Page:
Weather the storm
Catherine Mayer, vice-president of airport services at SITA explains the difficulties of operating on limited resources.
How do you think the global economic downturn will affect the region's aviation industry?
The current state of the air transport industry has been referred to as a "perfect storm" because of soaring fuel prices and the global economic downturn slowing traffic growth.
But this storm is not hitting all regions in the same way. Significantly, the Middle East is fairing well. Analysts have noted that local demand remains strong and this combined with lower labour costs, a focus on the stronger Asia and Middle East markets and more fuel-efficient fleets make the outlook brighter for carriers in the Mid-East region.
Do you think the region should be doing more to stabilise the industry?
The survival of the global industry can't rest on the shoulders of one region; it is dependent on all the stakeholders worldwide working together. It is through collaboration that long term sustainability and stability will be achieved.
SITA works with the whole air transport community and knows that airlines, airports and other industry players must work in partnership to help weather the storm.
Would you say the region's airports are responding to the global economic challenges?
Airports in their own right are facing a unique challenge; even though passenger demand has fallen in some regions, it is rising in others like the Middle East and Asia, and the global long term forecast from industry bodies such as IATA and ACI is for overall growth.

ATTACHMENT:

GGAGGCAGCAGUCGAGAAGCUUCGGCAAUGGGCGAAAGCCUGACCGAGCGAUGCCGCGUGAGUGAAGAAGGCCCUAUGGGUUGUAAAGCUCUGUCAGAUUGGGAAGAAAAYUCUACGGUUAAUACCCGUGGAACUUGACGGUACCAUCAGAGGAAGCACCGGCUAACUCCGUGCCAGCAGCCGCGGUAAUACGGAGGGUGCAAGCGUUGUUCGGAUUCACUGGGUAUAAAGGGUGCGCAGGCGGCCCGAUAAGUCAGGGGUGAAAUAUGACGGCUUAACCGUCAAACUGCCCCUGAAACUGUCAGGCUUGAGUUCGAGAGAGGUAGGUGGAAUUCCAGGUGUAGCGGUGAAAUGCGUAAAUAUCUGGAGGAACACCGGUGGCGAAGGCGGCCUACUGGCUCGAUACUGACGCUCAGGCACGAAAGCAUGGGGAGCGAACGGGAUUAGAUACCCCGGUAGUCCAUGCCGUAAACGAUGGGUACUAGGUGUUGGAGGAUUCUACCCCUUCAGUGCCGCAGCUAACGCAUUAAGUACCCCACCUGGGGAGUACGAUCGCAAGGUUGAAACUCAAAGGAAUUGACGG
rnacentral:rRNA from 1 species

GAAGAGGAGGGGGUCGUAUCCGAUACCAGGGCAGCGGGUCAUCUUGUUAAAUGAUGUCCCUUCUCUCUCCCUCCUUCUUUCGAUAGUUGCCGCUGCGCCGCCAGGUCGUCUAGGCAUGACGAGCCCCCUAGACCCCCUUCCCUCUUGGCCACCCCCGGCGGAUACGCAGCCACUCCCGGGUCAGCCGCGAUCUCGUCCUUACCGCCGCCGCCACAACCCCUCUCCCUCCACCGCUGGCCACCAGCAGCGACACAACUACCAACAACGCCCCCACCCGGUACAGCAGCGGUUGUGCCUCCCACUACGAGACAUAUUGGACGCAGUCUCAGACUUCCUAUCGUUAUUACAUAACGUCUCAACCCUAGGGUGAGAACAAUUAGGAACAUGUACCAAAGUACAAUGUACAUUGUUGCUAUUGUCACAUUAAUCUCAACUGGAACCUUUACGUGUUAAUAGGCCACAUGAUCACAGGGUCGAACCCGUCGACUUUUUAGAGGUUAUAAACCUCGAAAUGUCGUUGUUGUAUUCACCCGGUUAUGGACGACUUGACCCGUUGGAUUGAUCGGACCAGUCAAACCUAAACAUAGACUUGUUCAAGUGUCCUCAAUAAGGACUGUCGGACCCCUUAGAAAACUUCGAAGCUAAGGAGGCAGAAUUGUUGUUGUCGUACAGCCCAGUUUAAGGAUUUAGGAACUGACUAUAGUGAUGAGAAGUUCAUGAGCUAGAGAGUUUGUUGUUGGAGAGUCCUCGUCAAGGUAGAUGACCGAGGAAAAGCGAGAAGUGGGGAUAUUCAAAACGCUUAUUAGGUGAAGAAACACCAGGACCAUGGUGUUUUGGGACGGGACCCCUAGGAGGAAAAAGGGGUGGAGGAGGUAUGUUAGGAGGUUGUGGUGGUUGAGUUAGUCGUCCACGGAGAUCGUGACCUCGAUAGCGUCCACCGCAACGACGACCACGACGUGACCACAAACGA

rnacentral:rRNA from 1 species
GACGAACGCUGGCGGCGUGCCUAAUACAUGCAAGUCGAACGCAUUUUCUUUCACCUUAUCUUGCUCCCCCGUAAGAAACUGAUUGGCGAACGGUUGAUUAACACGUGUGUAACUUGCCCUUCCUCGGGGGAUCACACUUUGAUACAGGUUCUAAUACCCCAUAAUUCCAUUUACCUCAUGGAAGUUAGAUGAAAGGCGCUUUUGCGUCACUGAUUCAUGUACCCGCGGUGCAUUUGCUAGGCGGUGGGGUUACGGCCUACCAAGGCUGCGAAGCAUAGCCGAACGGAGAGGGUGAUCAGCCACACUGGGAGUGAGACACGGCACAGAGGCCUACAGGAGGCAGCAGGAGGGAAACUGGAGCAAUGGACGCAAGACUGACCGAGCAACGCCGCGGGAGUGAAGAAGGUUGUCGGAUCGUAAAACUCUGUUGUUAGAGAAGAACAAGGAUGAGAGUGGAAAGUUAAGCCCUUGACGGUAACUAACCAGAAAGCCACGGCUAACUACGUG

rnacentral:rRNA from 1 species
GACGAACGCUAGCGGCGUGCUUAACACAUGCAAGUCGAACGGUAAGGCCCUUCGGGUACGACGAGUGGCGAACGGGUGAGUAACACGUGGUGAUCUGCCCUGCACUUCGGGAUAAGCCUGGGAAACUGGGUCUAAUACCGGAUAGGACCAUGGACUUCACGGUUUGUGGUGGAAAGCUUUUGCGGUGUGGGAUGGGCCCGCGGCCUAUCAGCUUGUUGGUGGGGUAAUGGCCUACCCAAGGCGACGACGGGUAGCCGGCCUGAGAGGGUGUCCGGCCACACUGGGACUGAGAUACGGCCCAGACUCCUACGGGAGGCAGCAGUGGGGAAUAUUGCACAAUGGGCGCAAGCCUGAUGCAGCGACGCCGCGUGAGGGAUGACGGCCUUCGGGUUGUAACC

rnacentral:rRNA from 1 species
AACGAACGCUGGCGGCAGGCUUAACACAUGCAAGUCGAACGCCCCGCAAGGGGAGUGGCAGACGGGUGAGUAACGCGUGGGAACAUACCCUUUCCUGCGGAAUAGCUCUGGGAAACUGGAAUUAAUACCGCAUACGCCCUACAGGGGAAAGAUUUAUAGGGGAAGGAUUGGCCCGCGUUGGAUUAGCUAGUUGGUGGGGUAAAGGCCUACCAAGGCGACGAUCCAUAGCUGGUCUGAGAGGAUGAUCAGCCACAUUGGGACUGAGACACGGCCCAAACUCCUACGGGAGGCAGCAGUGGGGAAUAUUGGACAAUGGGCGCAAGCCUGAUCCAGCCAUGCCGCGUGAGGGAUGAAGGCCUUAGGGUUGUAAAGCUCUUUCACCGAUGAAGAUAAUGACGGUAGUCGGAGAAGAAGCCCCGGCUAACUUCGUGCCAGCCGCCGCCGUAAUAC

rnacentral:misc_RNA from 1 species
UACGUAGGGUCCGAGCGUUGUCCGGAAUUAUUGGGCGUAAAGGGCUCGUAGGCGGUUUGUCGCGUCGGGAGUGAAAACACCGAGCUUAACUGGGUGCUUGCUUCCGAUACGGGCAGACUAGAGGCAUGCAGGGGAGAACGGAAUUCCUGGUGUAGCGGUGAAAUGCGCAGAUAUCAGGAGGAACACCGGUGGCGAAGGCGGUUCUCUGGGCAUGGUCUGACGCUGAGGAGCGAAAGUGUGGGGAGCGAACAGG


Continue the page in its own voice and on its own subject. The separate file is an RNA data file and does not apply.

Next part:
The latest results published in June showed worldwide passenger growth at a modest 2% and ACI acknowledged that the second half of 2008 will be a challenge but the hope is that the slowing trend will pass.
Are airport facilities able to keep up with the overall growth?
Airports must deal with the strain on limited resources as passenger growth increases and capacity remains stagnant. SITA is working with airports to look beyond the traditional airport footprint and to extend services in to the surrounding cities.
This will help accommodate growth and ease the pressure both on day to day operations and on longer term capital expenditure. Passengers too are demanding off-airport services; SITA's 2007 passenger self-service survey showed that 58% of respondents would use remote bag drop if it was available.
Remote baggage check-in not only improves the passenger experience, but also provides a new revenue opportunity for those who offer it, as well as easing time and security pressures faced by all international airports.
From which countries can Middle East airports adopt innovative ideas?
Off-airport passenger and bag check-in is now a reality in many places around the world including Hong Kong, Switzerland and North America. In fact, the 2007 SITA/ACI/airline business airport IT trends survey, showed that remote (off-airport) passenger check-in and bag drop has already been introduced by 11% of the respondent airports while 40% intend to implement within the next two to five years.
What should airports be doing in order to plan for the future?
It is by harnessing technology and collaborating with both the air transport industry and external partners that airports can introduce such services beyond the traditional footprint to weather the storm and anticipate calmer waters in the future of the market.